Farmers Almanac
The Farmers Almanac
Order your copy today!

Why Are My Trees Dropping Acorns Like Crazy?

Why Are My Trees Dropping Acorns Like Crazy?

If you’ve got oak trees in your yard, you probably are familiar with the task of raking up tons of acorns in the fall. But recently we’ve been hearing from many of our readers and followers on social media, in areas such as Illinois, Tennessee, and Rhode Island, that their oaks are dropping acorns—small green ones—like crazy, in the middle of summer! What does this mean, and does it indicate anything about the upcoming winter weather?

Green acorns on an oak are a common sight in summer.

Typically, acorns “fall” around fall—in boom and bust cycles—to help plant new trees and to provide a nutritious food source for a number of critters. But when the acorns are green and dropping early, it indicates the tree is under some kind of weather-related stress.

Acorns, when they’re ready to drop, are typically brown or tan in color. If your trees are shedding acorns prematurely it’s a sign that they are focusing their energy on other things rather than seed production.

Summer Tree Stressors

A tree’s stress can be from too much rain, too little rain, a too-hot summer, or other factors. But it’s usually dependent on local conditions. In fact, just like “mast years” can happen in Virginia but not in neighboring North Carolina, the same is true for stressed-out trees dropping green acorns. It’s not happening everywhere.

Acorns and Winter Weather Folklore

In our 20 Signs of a Hard Winter article, we explore the folklore behind some of the signs nature gives us about winter weather. One of them is acorns dropping in great numbers as a sign of a harsh winter ahead. But this usually refers to the brown acorns falling in the fall months.

Tell Us:

So what’s your acorn situation? Are you seeing lots of green acorns on the ground in your backyard already? And what has the summer weather been like where you live? Let us know in the comments below.

Shop for Related Products on Amazon

Disclosure: We are a participant in the Amazon Services LLC Associates Program, an affiliate advertising program designed to provide a means for us to earn fees by linking to Amazon.com and affiliated sites.

Previous / Next Posts

  • Laurel says:

    No acorns here in western Connecticut. Saw a few green ones the other day. Last year, we had a bumper crop of brown ones.

  • Lonnie says:

    Not only is there early leaf drop here in Fairfield, CA, but there are just as many green acorns on the ground. They can be heard hitting the roof all day long. This has been going on for weeks. Many other tree varieties also seem to be maturing earlier than normal.

  • Elle says:

    I live in East Tennessee. Green acorns this week. Hot and humid with a lot of rain this year, though we didn’t reach 100 degrees that I recall, which is unusual. My garden didn’t produce, either too wet or too dry. My neighbor planted 4 rows of beans and only managed to can 4 quarts out of it. It has been a much cooler September than last year.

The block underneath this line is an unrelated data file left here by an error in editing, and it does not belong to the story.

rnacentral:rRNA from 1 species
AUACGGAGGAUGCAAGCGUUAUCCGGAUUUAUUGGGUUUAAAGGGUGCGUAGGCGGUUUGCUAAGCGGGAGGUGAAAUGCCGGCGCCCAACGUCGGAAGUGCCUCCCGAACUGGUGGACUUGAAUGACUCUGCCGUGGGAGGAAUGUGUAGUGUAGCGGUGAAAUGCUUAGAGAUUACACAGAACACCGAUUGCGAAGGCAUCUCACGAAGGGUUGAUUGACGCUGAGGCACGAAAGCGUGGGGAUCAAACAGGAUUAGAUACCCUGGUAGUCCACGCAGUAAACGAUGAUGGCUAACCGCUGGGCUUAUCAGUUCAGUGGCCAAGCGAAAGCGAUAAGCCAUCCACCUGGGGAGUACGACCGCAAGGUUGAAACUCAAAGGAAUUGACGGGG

• Rob Berliner says:

    Winfield Illinois, more acorns this year than the previous 17 years. Green acorns started falling in early August and have continued at a feverish pace. As we sit in the yard they are starting to drop brown acorns. It has been a dry hot summer here.

    • Anja Van Tongeren says:

      Same here in California. Started dropping off green acorns in August and is still continuing in September. Makes you wonder what’s happening.

  • Richard Allen says:

    Hi from the sunny UK.
    Not just a US phenomenon, here in the UK too. Had a hot/dry summer and we have lots of green acorns dropping early from our Oaks in the garden.

  • Becky Graham says:

    We are seeing an abundance of green acorns. Sounds like we are being bombed when they fall. We have had a hot summer here in Michigan. Is this a sign of a harsh winter?

  • Rich says:

    Clearlake Oaks, CA:
    My oak tree by the driveway dropped all of its acorns in June/July and now the leaves have all turned, like it just died. The leaves have not fallen. It has been a hot summer 100+ for weeks (as normal). But we have had a lot of smoke and little wind to bring in fresh air. Conditions around the tree have not changed. We were told that this tree did have some sort of fungus, about 6 years ago, a bit of mistletoe, and lost a couple of branches in April, just before the heat.

    Only 1 other oak tree dropped a lot of green acorns early, but still has plenty browning. This tree is on the other side of the property and green. Some of its branches will need to be pruned this winter.

  • Mindy says:

    We live in upper S.C. and our white oaks are dropping acorns like there is no tomorrow and they are all green.

  • Kimberly Layton says:

    We live in Oroville, CA and have several Oak trees on our property full of acorns to the point that some branches are breaking off and some as big as golf balls. We had a arborist come out and inspect the worst tree in our front yard he said it just needed to be trimmed. Its been a hot summer as usual between 97 – 108 degrees here.

  • If you notice a hole in the upper left-hand corner of your Farmers' Almanac, don't return it to the store! That hole isn't a defect; it's a part of history. Starting with the first edition of the Farmers' Almanac in 1818, readers used to nail holes into the corners to hang it up in their homes, barns, and outhouses (to provide both reading material and toilet paper). In 1919, the Almanac's publishers began pre-drilling holes in the corners to make it even easier for readers to keep all of that invaluable information (and paper) handy.

    Reading Farmers' Almanac on Tablet with Doggie

    Don't Miss A Thing!

    Subscribe to Our Newsletter and Get a FREE Download!